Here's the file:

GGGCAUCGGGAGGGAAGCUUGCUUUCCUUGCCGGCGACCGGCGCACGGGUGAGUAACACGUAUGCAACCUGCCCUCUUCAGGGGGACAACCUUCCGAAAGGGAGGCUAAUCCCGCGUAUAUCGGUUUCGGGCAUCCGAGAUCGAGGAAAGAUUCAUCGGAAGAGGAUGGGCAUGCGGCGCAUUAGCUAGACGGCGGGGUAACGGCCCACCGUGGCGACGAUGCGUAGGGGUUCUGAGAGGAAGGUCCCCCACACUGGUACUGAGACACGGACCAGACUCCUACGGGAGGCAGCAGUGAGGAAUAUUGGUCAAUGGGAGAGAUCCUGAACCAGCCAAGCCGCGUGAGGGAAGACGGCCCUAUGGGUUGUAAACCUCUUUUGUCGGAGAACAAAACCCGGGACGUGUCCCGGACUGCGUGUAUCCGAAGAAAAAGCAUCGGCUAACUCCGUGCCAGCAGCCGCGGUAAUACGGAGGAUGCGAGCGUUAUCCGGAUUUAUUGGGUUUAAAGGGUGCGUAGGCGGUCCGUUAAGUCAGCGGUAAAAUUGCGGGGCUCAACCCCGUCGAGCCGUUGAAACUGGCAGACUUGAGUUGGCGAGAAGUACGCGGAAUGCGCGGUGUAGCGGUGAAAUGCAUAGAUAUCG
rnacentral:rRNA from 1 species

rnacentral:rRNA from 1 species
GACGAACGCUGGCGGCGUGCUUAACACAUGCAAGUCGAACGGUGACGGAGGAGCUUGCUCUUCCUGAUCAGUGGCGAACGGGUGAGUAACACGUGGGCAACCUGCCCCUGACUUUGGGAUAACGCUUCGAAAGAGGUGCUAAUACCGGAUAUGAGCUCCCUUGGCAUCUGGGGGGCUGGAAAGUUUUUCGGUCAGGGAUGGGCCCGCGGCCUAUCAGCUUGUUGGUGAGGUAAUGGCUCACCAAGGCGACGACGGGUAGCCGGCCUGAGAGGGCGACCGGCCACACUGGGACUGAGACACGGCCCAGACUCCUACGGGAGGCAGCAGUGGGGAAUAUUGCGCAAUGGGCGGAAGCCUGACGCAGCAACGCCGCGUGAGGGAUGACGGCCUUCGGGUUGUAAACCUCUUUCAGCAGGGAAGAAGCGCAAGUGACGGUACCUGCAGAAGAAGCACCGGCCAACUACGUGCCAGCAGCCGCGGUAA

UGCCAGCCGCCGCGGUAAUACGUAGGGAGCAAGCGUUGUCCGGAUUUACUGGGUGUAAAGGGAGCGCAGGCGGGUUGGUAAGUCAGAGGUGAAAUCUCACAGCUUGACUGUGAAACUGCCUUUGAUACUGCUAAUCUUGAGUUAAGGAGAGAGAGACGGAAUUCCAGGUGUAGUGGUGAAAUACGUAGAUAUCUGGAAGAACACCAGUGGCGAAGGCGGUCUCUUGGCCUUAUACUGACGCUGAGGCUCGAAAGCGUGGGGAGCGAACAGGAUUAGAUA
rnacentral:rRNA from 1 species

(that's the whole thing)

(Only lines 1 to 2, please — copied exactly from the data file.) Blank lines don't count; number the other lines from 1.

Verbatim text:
GGGCAUCGGGAGGGAAGCUUGCUUUCCUUGCCGGCGACCGGCGCACGGGUGAGUAACACGUAUGCAACCUGCCCUCUUCAGGGGGACAACCUUCCGAAAGGGAGGCUAAUCCCGCGUAUAUCGGUUUCGGGCAUCCGAGAUCGAGGAAAGAUUCAUCGGAAGAGGAUGGGCAUGCGGCGCAUUAGCUAGACGGCGGGGUAACGGCCCACCGUGGCGACGAUGCGUAGGGGUUCUGAGAGGAAGGUCCCCCACACUGGUACUGAGACACGGACCAGACUCCUACGGGAGGCAGCAGUGAGGAAUAUUGGUCAAUGGGAGAGAUCCUGAACCAGCCAAGCCGCGUGAGGGAAGACGGCCCUAUGGGUUGUAAACCUCUUUUGUCGGAGAACAAAACCCGGGACGUGUCCCGGACUGCGUGUAUCCGAAGAAAAAGCAUCGGCUAACUCCGUGCCAGCAGCCGCGGUAAUACGGAGGAUGCGAGCGUUAUCCGGAUUUAUUGGGUUUAAAGGGUGCGUAGGCGGUCCGUUAAGUCAGCGGUAAAAUUGCGGGGCUCAACCCCGUCGAGCCGUUGAAACUGGCAGACUUGAGUUGGCGAGAAGUACGCGGAAUGCGCGGUGUAGCGGUGAAAUGCAUAGAUAUCG
rnacentral:rRNA from 1 species